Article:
Day in the Life of a Songwriting Student | Freya Everest

We learn about  a typical day for students on our MA in Songwriting...


Student life for those on our MA in Songwriting course can be a busy one with different tasks, lectures and deadlines to prioritise. 

That doesn't take into account the time spent outside of lessons studying, learning and practising - or the equally valuable time spent socialising, forging connections and watching/listening to music too. 

To give you some insight into life as an ICMP student, we'll be running a series of blogs exploring typical days for students on an array of courses.

For our first, we caught up with MA Songwriting alumna Freya Everest to hear how she approached the programme, the various modules she explored and what a day at ICMP was like...

Could you talk about your typical day on the Songwriting MA? At least when you're on the campus?

A typical day on the Songwriting MA usually involved a class in the morning with a break around lunch and then another class in the afternoon.

This varied between terms, but one would usually be a seminar with a focus on theory and the other would be a workshop where we shared what song we have been working on for that week's brief. 

How much time would you spend in classes? How much time at ICMP itself? 

So it was usually between four and six hours of contact time, split over two classes, either on a Tuesday or Thursday.

The timetable would change a little each terms and some modules had less contact hours.

Mostly, you will spend your time responding to songwriting briefs independently at home - however, there is always the option to utilise ICMP's rehearsal and recording spaces throughout the week too."

How would you get to ICMP itself?

Getting to ICMP has always been a bit tricky for me because I live in an area with poor transport links.

I take a National Rail train to Highbury and Islington and then catch the Overground to Brondesbury. 

What modules did you take as part of the course? 

So on the MA Songwriting I had five set modules (you can read the Programme Specification here):

  • Creative Purpose and Process in Songwriting - focused on the songwriting process
  • Songcraft: Musical & Sonic Imagination - focused on theory and production
  • Songcraft: Lyric & Architecture - looked at lyric technique and song structures
  • Established & Progressive Songwriting Industries (EAPSI) - looked at professional applications of a songwriting practice
  • Research and Repertoire Project (RRP) - for the final module we were open to explore a chosen area of research

I found the Musical and Sonic Imagination module the most enjoyable and picked up some really useful production hacks that I now use all the time. The lyrics module was the most challenging for me, since lyric writing has been a weaker area of my practice.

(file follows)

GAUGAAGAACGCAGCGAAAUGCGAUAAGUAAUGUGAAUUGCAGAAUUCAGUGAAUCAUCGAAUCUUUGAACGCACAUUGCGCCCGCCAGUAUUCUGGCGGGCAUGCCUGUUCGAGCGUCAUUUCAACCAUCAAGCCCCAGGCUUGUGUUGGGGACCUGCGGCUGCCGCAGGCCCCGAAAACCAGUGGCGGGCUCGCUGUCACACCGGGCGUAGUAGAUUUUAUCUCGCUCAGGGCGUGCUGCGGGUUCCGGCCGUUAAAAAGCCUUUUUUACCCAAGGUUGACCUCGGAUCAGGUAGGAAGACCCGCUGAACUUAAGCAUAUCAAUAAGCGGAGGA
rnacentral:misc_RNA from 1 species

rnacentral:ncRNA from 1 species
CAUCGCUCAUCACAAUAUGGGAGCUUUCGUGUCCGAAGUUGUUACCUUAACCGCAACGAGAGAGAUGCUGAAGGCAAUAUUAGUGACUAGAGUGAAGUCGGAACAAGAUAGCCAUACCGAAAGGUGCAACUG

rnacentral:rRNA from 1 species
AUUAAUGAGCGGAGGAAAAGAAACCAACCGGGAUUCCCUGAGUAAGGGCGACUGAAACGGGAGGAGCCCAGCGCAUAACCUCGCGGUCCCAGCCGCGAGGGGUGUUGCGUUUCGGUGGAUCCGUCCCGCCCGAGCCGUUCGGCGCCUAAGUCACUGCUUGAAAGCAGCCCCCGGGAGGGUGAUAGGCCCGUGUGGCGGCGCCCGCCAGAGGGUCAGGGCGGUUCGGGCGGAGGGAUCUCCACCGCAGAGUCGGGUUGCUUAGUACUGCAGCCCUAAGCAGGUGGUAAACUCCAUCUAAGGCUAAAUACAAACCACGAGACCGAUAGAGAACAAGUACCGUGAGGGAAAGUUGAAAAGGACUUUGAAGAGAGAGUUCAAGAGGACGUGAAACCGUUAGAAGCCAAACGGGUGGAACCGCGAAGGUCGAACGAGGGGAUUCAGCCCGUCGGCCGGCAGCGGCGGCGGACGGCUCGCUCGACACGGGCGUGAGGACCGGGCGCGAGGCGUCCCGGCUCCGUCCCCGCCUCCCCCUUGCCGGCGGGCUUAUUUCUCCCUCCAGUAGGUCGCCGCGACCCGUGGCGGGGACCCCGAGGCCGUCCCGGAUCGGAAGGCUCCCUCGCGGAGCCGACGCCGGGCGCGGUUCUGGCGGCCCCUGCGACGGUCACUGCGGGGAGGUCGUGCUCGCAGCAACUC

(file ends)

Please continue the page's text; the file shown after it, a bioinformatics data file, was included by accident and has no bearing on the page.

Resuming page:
The difficulties I faced during this really pushed me to develop my writing and a lot of what I learned has eventually seeped it's way into my practice, which has been exciting to watch unfold."

The final module (RRP) provided fruitful academic and songwriting exploration. Here I could collect everything I had discovered across the other modules and direct my learnings towards an area of research I am passionate about. With a background in fine art, I chose to study a relationship between visual arts and song - particularly, how the two disciplines interact and compliment each other, as well as using art to stimulate song material. 

Overall, witnessing my growth as a writer on the MA course has been a very satisfying and motivating experience. 

How do you balance time between study and social life while onsite? And what would you do in any down time?

Often a group of course mates would get lunch together if we had time between classes. Our favourite spots were Chao Chao and Meaty Buns on Kilburn High Road. In the afternoon a group of us would usually head to the North London Tavern and catch up over a pint (or two) of Guiness. Brondes Age was also a great place to go and unwind after a day of studying. 

Effective time management must come into your day - how did you approach this? Any apps/tools? 

I made sure to sync my Celcat timetable with my Apple calendar so my classes automatically updated on my phone.

I did the same with my student email, which meant I could access communication from my tutors easily and stay on top of important messages. Sometimes I used reminders on my phone to keep track of any tasks I had to do. Getting familiar with Canva early on really helped too. This was the platform my tutors used to assign work and upload important resources - keeping an eye on that meant I could stay up to date with coursework. Bookmarking important links on my Google account also helped and meant I could find things quickly. 

Connect with Freya below:

Instagram | Soundcloud 

Write songs that last for generations

A great song can become truly timeless, remembered for generations as part of the world’s cultural legacy. Whether you want to craft a killer melody or pen poetic lyrics, our tutors will teach you everything you want to know, including all the production, performance, professional and entrepreneurial skills needed to ensure that your unique creations get the recognition they deserve. You’ll also benefit from A&R-style critique sessions, collaborative opportunities, access to fully equipped live rooms, recording studios and tech suites, and a community of inspiring contacts and friends.

To catapult your songwriting and music career to a whole new level, email our friendly Admissions Team at or give them a call on 020 7328 0222.

Songwriting courses
by ICMP staff writer
September 13, 2023
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